SOCIAL networking sites have revolutionised living in this Century. No longer do we just simply catch up with good friends for likeminded activities on weekends and with long-lost buddies once every blue moon, we do so now at 1.43am, when we struggle to sleep. We even make globalisation the medium as we ‘friend farm,’ finding friends at the next mouse click. It’s fascinating how small this large world is becoming.
The newish art of friend farming is common to Facebook users, for instance. Recently I noted some of my Facebook friends with friend lists in the thousands receiving growth to their lists of up to ten and twenty per day. I thought, ‘Wow, they’re popular!’
But, it wasn’t until I realised that they’re becoming friends with the many liberal people who are more than willing to share (and trust) people with a modicum of personal detail in the midst of business or ministry networking—a kind of social zoo is what we have here. It’s fascinating.
Of course, there are many that might disagree, citing reasons of privacy or the impression that social networking is going too far, or even having the impression that people are bending the intent of the system. It’s interesting that Twitter goes viral much more readily that does Facebook or LinkedIn—both of which have moralistic “standards” regarding whether you actually know the person you’re contacting. But, ingenuity has outstripped the original intent and people are finding likeminded people to hook up with across streets, countries and oceans.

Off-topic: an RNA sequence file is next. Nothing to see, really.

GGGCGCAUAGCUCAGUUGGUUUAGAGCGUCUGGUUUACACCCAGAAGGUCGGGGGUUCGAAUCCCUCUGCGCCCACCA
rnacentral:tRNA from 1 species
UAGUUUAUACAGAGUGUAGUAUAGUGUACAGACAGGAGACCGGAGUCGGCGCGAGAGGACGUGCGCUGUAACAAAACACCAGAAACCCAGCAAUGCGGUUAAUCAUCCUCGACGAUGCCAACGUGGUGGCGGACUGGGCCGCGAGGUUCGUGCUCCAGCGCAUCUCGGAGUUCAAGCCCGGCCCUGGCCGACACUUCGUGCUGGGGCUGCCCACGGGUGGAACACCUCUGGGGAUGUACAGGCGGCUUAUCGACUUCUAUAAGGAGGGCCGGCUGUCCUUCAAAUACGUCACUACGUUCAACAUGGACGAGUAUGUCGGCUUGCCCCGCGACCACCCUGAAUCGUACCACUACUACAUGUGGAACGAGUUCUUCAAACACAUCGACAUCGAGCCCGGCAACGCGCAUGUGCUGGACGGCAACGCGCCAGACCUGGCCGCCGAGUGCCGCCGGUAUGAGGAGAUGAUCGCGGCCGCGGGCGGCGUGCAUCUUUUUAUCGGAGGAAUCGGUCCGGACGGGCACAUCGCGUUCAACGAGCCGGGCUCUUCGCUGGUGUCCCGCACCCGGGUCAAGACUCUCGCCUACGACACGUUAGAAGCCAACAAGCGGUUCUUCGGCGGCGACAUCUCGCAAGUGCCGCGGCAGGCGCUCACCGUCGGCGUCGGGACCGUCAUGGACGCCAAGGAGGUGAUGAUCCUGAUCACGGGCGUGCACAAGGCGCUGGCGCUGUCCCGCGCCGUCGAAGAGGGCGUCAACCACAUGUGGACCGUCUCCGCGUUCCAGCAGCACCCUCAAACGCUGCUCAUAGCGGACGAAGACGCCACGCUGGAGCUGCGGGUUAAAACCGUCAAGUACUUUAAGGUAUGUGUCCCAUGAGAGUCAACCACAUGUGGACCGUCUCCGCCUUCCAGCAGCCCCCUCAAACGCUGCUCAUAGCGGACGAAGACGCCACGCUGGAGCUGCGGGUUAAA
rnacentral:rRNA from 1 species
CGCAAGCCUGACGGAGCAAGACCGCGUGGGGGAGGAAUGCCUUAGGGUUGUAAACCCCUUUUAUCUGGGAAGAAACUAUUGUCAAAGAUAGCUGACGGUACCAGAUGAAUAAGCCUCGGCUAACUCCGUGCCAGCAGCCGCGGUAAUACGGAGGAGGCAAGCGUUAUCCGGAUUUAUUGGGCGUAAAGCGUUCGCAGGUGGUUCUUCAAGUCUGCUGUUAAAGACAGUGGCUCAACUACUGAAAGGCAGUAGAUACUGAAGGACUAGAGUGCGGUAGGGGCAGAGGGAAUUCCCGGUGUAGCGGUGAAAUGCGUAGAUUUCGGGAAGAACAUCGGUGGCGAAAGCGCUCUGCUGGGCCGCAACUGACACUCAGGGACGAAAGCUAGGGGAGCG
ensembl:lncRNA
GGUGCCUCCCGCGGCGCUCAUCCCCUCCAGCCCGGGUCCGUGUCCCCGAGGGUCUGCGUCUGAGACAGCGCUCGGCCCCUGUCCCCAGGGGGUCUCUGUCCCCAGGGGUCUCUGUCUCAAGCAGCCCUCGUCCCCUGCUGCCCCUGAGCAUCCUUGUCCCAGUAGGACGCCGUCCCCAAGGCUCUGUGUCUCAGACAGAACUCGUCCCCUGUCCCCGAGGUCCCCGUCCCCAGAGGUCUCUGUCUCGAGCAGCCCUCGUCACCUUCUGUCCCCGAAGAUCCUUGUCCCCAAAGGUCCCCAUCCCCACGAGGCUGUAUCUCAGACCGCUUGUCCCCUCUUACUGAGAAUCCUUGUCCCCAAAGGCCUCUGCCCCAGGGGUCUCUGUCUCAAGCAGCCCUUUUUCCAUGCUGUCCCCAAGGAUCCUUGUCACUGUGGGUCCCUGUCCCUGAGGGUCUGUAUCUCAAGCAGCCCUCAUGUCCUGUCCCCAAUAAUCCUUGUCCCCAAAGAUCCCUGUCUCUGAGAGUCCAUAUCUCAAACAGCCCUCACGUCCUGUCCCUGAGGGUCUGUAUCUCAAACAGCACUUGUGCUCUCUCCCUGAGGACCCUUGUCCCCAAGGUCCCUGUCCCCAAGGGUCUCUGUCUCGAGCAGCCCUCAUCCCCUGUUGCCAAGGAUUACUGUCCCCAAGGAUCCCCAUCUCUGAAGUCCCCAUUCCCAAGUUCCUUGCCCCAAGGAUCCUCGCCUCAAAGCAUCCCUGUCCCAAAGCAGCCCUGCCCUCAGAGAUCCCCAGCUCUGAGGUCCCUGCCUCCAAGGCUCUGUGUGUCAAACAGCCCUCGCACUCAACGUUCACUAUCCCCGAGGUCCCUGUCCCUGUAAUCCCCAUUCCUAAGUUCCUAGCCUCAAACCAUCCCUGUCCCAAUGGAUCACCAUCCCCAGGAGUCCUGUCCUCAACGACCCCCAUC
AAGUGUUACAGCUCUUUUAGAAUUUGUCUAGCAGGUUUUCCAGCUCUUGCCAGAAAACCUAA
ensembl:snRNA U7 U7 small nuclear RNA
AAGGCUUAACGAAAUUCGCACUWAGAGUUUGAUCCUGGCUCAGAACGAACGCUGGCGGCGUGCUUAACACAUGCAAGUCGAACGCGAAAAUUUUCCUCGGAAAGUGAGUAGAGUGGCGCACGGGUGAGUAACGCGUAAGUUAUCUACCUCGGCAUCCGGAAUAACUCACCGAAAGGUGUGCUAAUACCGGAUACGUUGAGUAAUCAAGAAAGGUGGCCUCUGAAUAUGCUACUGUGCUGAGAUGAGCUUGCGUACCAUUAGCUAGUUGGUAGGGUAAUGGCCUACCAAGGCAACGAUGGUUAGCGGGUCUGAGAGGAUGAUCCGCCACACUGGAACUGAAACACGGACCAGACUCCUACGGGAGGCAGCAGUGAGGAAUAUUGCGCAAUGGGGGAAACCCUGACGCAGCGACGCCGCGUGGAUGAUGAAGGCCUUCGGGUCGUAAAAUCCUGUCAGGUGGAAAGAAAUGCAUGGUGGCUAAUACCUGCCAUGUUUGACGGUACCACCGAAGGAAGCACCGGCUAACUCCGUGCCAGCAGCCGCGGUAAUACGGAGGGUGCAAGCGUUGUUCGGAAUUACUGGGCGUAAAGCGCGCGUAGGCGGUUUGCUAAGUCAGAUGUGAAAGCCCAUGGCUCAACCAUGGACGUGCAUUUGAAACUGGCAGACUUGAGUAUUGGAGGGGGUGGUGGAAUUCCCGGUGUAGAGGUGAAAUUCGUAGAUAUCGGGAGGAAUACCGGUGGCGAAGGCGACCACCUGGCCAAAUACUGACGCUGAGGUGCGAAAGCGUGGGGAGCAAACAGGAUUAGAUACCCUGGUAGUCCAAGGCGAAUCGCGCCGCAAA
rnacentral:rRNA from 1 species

Friend farming is a fascinating process almost like speed-dating. The most important thing we can do is “harvest” as friends only those we feel we could trust, and those who’re likeminded. There’s little point in doing it otherwise.
Friend farming is about networking and possibilities; not for all friend-farmers, sure, but seemingly for most. It’s about a way of broadcasting with sincerity the things you get into. Of course, I made a decision a long time back that I would use Facebook in only a limited capacity for personal reasons. Facebook email and commenting on the statuses of the people I know are but two ways to do this. I post generally only that which is suitable for “public” digestion.
Whatever your view might be on friend farming I think it’s both positive and here to stay. Perhaps it’s our response to the concept that we fear within ourselves. Possibly we fear social networking sites could replace the need for real contact, and at this stage that’s a threat. But this threat could morph and generate an even more dynamic level of contact.
There’s also the concept of becoming friends with people who will not be in the slightest bit interested in us; that’s okay isn’t it? Becoming their friend of itself is not harmful and if they’ll not harm us what harm could it present? And if they do harm the newfound relationship we can resolve that in one or two mouse clicks.
All I can say is I find this social networking one-world we have in our midst’s, so terrifically invigorating. For the first time in the history of humankind we have the very real opportunity to touch people we would otherwise not know.
© 2010 S. J. Wickham.